We aim to prepare the following class of molecules, where X depicts the various possible oxygen species.

It is anticipated that Class A molecules (left) will be prepared in the first phase and Class B (right) in the later stages of the PhD. In each case the molecules will be characterised by UV vis spectroscopy and single crystal X-ray diffraction. Their kinetics of oxidation will be examined by reference to the similar studies carried out on AA9 itself. Moreover, the spectroscopic properties, particularly the low-temperature UV/vis and EPR properties of the complexes will be correlated with those of the enzyme. This is a key feature of this proposal as it seeks to make a definitive link between model complexes and enzyme.

All research students follow our innovative Doctoral Training in Chemistry (iDTC): cohort-based training to support the development of scientific, transferable and employability skills. All research students take the core training package which provides both a grounding in the skills required for their research, and transferable skills to enhance employability opportunities following graduation.

The Department of Chemistry holds an Athena SWAN Gold Award and is committed to supporting equality and diversity for all staff and students. Chemistry at York was the first academic department in the UK to receive the Athena SWAN Gold award. Paul Walton is internationally known for his work on gender equality.

Funding Notes

This project is open to students who can fund their own studies or who have been awarded a scholarship separate from this project. The Chemistry Department at York is pleased to offer Wild Fund Scholarships to those from countries outside the UK. Wild Fund Scholarships offer up to full tuition fees for those from countries from outside the European Union. EU students may also be offered £6,000 per year towards living costs. For further information see: View Website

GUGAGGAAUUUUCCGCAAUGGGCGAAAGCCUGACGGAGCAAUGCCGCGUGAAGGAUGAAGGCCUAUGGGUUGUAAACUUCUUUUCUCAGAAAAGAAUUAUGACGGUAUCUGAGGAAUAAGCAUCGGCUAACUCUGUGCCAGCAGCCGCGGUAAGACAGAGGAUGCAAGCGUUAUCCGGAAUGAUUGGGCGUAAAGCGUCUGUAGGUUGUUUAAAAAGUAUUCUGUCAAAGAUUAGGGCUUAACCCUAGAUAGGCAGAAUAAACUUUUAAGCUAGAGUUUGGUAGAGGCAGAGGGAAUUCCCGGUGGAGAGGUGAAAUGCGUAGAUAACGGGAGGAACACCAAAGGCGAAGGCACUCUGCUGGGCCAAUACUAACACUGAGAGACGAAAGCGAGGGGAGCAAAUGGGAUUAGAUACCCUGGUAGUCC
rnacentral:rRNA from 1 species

References

It is further estimated that some 323 million tonnes of cellulose are thrown away by the US ever year, which—converted to bioethanol—could provide 30% of US fuel demand.
R. Jason Quinlan, Matt D. Sweeney, Leila Lo Leggio, Harm Otten, Jens-Christian N. Poulsen, Katja Salomon Johansen, Kristian B. R. M. Krogh, Christian Isak Jørgensen, Morten Tovborg, Annika Anthonsen, Theodora Tryfona, Clive P. Walter, Paul Dupree, Feng Xu, Gideon J. Davies, and Paul H. Walton. Proceedings of the National Academy of Sciences, 2011, 15079.
It is further estimated that some 323 million tonnes of cellulose are thrown away by the US ever year, which—converted to bioethanol—could provide 30% of US fuel demand.
R. Jason Quinlan, Matt D. Sweeney, Leila Lo Leggio, Harm Otten, Jens-Christian N. Poulsen, Katja Salomon Johansen, Kristian B. R. M. Krogh, Christian Isak Jørgensen, Morten Tovborg, Annika Anthonsen, Theodora Tryfona, Clive P. Walter, Paul Dupree, Feng Xu, Gideon J. Davies, and Paul H. Walton. Proceedings of the National Academy of Sciences, 2011, 15079.

Related Subjects

How good is research at University of York in Chemistry?

FTE Category A staff submitted: 47.06